Hardline Brexiteers warn May against regulatory alignment

Rees-Mogg pressures PM, while watchdog finds official Leave campaign broke law

Prime minister Theresa May leaves 10 Downing Street. Photograph: Dominic Lipinski/PA Wire

Prime minister Theresa May leaves 10 Downing Street. Photograph: Dominic Lipinski/PA Wire


Conservative Eurosceptics have warned Theresa May against proposing any agreement with the European Union that would keep tariffs or regulations aligned after Brexit. Jacob Rees-Mogg, who leads the backbench European Research Group (ERG), which advocates a hard Brexit, said he could vote against a deal that violated the prime minister’s negotiating red lines.

“It’s not for me to issue warnings to the prime minister. I fully support the prime minister but I cannot guarantee to support a policy that doesn’t deliver on the manifesto commitments,” he told Channel 4 News.

The prime minister has called her cabinet to a meeting at Chequers on Friday to agree a common position ahead of the publication next week of a White Paper on Britain’s future relationship with the EU.

In the House of Commons on Wednesday, Ms May reaffirmed her commitment to leave the customs union, the single market and the jurisdiction of the European Court of Justice. But her chief whip had to reassure the ERG at a meeting on Wednesday morning after reports suggested that Ms May would propose a customs arrangement that would keep tariffs aligned and full regulatory alignment for goods and agricultural products.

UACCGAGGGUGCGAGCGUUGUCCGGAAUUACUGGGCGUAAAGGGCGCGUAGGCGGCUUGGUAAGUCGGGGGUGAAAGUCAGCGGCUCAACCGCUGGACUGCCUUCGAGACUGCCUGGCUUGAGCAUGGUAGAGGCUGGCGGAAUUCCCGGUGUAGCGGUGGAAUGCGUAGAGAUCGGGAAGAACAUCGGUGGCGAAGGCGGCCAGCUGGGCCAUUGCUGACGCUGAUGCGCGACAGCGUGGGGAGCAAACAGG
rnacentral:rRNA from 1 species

What Brexit means

At prime minister’s questions on Wednesday, veteran Eurosceptic Edward Leigh pressed Ms May on her definition of Brexit.

“In agreeing with the prime minister, as I always do, that Brexit means Brexit, and that that generally means taking back control, may I ask her to confirm not only that after we leave the EU we will be leaving the single market and customs union, but that it is her personal position, and the settled negotiating position of her majesty’s government, that we will have full and unfettered control of migration into this country, full and unfettered control in our ability to make new trade deals with the rest of the world and, above all, full and unfettered control of how we regulate our own business?” he said.

Ms May said that, after Brexit, Britain would be operating its own independent trade policy, parliament would be determining its laws and that she would bring an end to free movement of people.

Cost of no deal

Chancellor Philip Hammond and business secretary Greg Clark are expected to outline to the cabinet on Friday the cost to the economy of failure to agree a deal with the EU that retains a high level of alignment. Downing Street insisted on Wednesday that the prime minister continued to believe that no deal on Brexit was better than a bad deal.

But junior business minister Richard Harrington warned on Wednesday that a no-deal Brexit would be “completely disastrous” for business. And he criticised ministers who complained in recent weeks about businesses warning of the consequences.

“I perfectly understand why Airbus and other companies who have so much invested in this country and employ so many people, are responsible for hundreds of millions if not billions of pounds of exports, of course they’re worried. They’ve got every right to say that,” he told Bloomberg.

The former chief executive of Vote Leave, the official pro-Brexit campaign in the 2016 referendum, admitted on Wednesday that the Electoral Commission had concluded that the group broke election funding laws.

Matthew Elliott said the elections watchdog had concluded that Vote Leave should not have donated £680,000 of surplus cash to a smaller pro-Brexit group because they were acting in co-ordination.